McDonald’s, Hipsters, and the Anti-Culture
This story originally appeared at Crisis Magazine. It has been republished with permission.
A story in Florence, Italy recently caught the attention of many around the world. It was big news when public outcry caused Florentine city officials to backtrack from an agreement to let a McDonald’s open in the historic Piazza del Duomo, not far from Florence’s historic fifteenth-century cathedral.
It would harm the identity of the city, according to Florence’s mayor, to have a vendor like McDonald’s invade a place with such rich cultural history. And it’s easy to understand the sentiment. Florence’s rejection of the golden arches is a necessary stance to protect a valuable patrimony, even if such an act is becoming increasingly uncommon.
But why go after McDonald’s? The company even agreed to locally source half of its food and include table service, so what gives? The answer begins with a conversation I once had with a friend, a college track & field coach.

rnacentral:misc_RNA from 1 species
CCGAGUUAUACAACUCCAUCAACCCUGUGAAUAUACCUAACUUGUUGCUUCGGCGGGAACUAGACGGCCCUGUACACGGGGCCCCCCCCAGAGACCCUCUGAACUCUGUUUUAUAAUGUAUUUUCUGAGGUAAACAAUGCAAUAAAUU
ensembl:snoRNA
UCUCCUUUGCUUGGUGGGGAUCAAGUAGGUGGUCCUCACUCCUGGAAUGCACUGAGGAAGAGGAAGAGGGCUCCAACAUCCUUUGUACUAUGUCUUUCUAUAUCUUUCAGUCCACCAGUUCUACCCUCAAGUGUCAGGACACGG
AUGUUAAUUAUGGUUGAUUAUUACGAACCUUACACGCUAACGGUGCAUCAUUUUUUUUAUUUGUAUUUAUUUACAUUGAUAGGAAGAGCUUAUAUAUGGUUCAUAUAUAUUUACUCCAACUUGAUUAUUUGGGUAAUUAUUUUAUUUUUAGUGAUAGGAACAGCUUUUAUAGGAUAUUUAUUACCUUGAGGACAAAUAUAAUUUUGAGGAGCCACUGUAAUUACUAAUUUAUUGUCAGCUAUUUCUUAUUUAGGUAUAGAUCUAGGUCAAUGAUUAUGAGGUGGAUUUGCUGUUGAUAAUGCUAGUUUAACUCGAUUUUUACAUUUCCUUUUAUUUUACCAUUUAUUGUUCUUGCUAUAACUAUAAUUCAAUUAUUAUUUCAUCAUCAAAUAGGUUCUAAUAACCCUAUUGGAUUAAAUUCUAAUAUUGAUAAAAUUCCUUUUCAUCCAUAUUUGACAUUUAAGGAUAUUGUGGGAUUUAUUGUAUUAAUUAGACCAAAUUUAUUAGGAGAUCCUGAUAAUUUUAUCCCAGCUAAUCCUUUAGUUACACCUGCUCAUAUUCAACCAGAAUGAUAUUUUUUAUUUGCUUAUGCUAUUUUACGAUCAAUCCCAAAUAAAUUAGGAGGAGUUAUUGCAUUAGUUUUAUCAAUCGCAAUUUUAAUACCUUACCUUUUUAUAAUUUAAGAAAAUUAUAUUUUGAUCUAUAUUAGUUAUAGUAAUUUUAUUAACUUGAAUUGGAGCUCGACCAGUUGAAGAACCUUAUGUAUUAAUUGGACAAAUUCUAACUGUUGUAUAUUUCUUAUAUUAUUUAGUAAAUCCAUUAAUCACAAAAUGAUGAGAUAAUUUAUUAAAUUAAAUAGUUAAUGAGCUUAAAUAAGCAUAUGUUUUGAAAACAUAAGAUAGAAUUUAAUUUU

“Whenever you run—in practice or in a race—you need to be consistent,” I remember him telling his sprinters. “I want you to be a McDonald’s French Fry. They taste the same in Italy or China as they do in Texas.”
It’s good racing advice, but the french fry bit is true too, isn’t it? Florence, quite obviously, doesn’t want something you can get anywhere else in the world. Go to Florence to experience Florence, and leave the perfectly salted fries at home.
One of the hallmarks of the Golden Arches is knowing that no matter where you are on the planet, those exquisite fries will be there to greet you. It’s a convenient reality in a world full of convenient realities.
And yet, the ubiquity and sameness of McDonald’s, handy though it is, leaves a lot to be desired. After all, who wouldn’t rather have pasta in Florence, dumplings in Shanghai, or fall-off-the-bone BBQ in Texas?
How there could ever be such a wrestling match between fast food and authentic cuisine is a question for another day, but that dichotomy nevertheless points to a crucial trait written in our very humanity: the need for authentic culture, as well as the desire to engage in it.